MEET ME IN ST. LOUIS is a rare treasure in the musical theatre, and is based on the heartwarming movie.
Join the Smith family at the 1904 World’s Fair, and see how their love and respect for each other is tempered with the genuine humor that can only be generated by such a special family.
Memorable musical numbers include The Boy Next Door, A Raving Beauty, The Trolley Song, Have Yourself a Merry Little Christmas, Whenever I’m with You and A Day in New York.
Suddenly there’s a blackout. Imagine yourself standing with the family as the lights from the World’s Fair fill the stage; you’ve never seen such a spectacular panorama in your life!
MEET ME IN ST. LOUIS is the story of a happy family’s life, as they anticipate the wonders of the 1904 World’s Fair. The play includes seven of the best loved songs from the film and ten other wonderful numbers, also by Martin and Blane, written specially for the stage.
The Overture segues directly into the Opening Number – Meet Me In St. Louis, where we find ourselves in front of the Smith family home. The principals sing the title song introducing themselves (the Smith family octet): Tootie, the youngest girl; Agnes, her closest sister; Lon, the son ready for college; Mrs. Anna Smith, mother; Katie, the family’s Irish maid; Grandpa Prophater; Rose, the eldest daughter; and Esther, the second oldest daughter. We learn of their excitement about the fair, of Esther’s crush on The Boy Next Door, and Mrs. Smith’s advice to her daughter in You’ll Hear a Bell.
Esther attempts to hold the family dinner an hour earlier than usual, in order to give Rose some privacy to receive a long distance phone call from a wealthy suitor, Warren Sheffield, who is vacationing in New York. Mr. Smith insists on dinner at the usual time, and despite Katie’s quick pace the plan fails. The whole family overhears Rose’s disappointing call. The tone picks up quickly, and we find ourselves at Lon’s going away to college party. Warren has returned from New York by now, and he and Rose sing the delightful duet A Raving Beauty. In Warren’s refrain, she is “winsome, wise and easy on the eyes”, and in Rose’s tongue-in-cheek refrain he is “wayward, bad and all kinds of a cad.”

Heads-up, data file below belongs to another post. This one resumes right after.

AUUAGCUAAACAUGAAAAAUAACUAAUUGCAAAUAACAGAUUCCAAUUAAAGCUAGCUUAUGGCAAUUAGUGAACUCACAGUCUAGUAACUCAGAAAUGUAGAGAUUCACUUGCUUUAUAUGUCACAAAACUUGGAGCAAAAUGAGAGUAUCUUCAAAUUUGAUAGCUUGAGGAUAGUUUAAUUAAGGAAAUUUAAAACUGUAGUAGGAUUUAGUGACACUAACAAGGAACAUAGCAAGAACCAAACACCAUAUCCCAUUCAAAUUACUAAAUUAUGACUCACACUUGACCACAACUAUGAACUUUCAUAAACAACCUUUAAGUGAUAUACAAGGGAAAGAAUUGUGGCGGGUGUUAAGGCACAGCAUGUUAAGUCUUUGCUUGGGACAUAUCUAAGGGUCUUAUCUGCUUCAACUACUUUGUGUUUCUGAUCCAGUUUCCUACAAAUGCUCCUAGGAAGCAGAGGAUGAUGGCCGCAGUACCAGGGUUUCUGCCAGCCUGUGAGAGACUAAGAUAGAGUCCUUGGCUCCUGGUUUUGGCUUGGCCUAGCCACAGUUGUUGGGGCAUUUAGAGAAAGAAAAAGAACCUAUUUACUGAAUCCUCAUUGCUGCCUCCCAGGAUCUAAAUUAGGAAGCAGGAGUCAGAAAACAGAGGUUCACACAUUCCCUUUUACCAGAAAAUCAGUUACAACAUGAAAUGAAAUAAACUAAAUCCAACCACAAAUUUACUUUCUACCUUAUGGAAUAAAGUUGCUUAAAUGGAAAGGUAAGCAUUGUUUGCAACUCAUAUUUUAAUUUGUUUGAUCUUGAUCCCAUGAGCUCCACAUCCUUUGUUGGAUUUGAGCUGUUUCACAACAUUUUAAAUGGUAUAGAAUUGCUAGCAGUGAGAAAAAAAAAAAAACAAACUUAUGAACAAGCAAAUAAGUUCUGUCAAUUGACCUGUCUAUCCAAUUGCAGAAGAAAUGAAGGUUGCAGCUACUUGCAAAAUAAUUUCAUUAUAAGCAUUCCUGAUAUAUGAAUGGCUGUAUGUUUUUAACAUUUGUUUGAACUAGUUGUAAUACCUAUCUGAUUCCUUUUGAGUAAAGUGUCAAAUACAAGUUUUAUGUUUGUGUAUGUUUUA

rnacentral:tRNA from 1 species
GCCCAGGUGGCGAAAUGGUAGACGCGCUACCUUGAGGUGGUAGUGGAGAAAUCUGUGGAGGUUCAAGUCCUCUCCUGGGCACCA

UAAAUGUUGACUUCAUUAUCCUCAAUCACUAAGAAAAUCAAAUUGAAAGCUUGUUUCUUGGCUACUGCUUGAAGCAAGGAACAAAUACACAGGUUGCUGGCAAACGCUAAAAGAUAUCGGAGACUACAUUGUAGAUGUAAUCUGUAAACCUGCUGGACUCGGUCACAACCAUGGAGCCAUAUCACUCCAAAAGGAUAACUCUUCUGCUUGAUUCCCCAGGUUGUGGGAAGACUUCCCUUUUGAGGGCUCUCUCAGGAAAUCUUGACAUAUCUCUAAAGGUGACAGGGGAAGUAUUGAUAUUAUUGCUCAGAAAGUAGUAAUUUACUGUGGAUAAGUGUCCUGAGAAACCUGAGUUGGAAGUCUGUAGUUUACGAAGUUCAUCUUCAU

With the party in full swing, Lon leads Warren, Rose and the Chorus in the rousing square-dance production number Skip to My Lou. Caught after bedtime watching Lon’s party from the stair landing above, Tootie and Agnes are invited down to perform Under the Bamboo Tree as a vaudeville turn for the guests.
When the guests go home, Esther and John are left alone. Although he is shy and a bit awkward, he manages to sing the touching waltz, Over the Bannister, to Esther as he helps her turn down the room gaslights. He then shakes her hand good night. She is disappointed by the handshake as any teenage girl would be, but shrugs it off with a reprise of The Boy Next Door and then The Trolley Song.
The Second Act opens on Halloween night in the kitchen, as Tootie and Agnes prepare to go out trick-or-treating. When Katie is left alone with Esther and Rose, she instructs them in the song and horn-pipe dance A Touch of the Irish on how best to handle romantic situations from a woman’s perspective. Tootie and Agnes return unexpectedly, and Tootie mischievously places the blame for their early return on John Truitt. This, of course, complicates matters between John and Esther causing a misunderstanding and then an apology. John sings a reprise of The Girl Next Door.
Mr. Smith is offered a promotion at work, but it will require the family to move to New York City. Everyone is upset by this news and has compelling reasons for not wanting to leave St. Louis. Mr. Smith explains the benefits of the big city in A Day in New York, but Mrs. Smith is the only one willing to make the move. She explains her love for her husband in a reprise of You’ll Hear a Bell, and he responds in their duet Wasn’t It Fun?
The last big social event before the family leaves St. Louis is the Christmas Ball, a very formal party. Rose goes with Lon, but Esther is left without an escort; John did not get to the tailor in time to pick up his father’s tuxedo. Grandpa Prophater saves Esther’s evening by wearing his tuxedo and escorting her to the Ball. A prank Esther plans for Lucille, whom Lon admires, backfires on her, and Esther is forced to dance with three less-than-attractive men herself. Everything works out well for the three young couples. John manages to get his tuxedo and unexpectedly arrives at the Ball. Later that evening, he and Esther decide they should wait some time before marrying since they are only “practically of age.” They reaffirm their love in the beautiful duet You Are for Loving. Rose and Warren, and Lucille and Lon pair off for the duration of the Ball.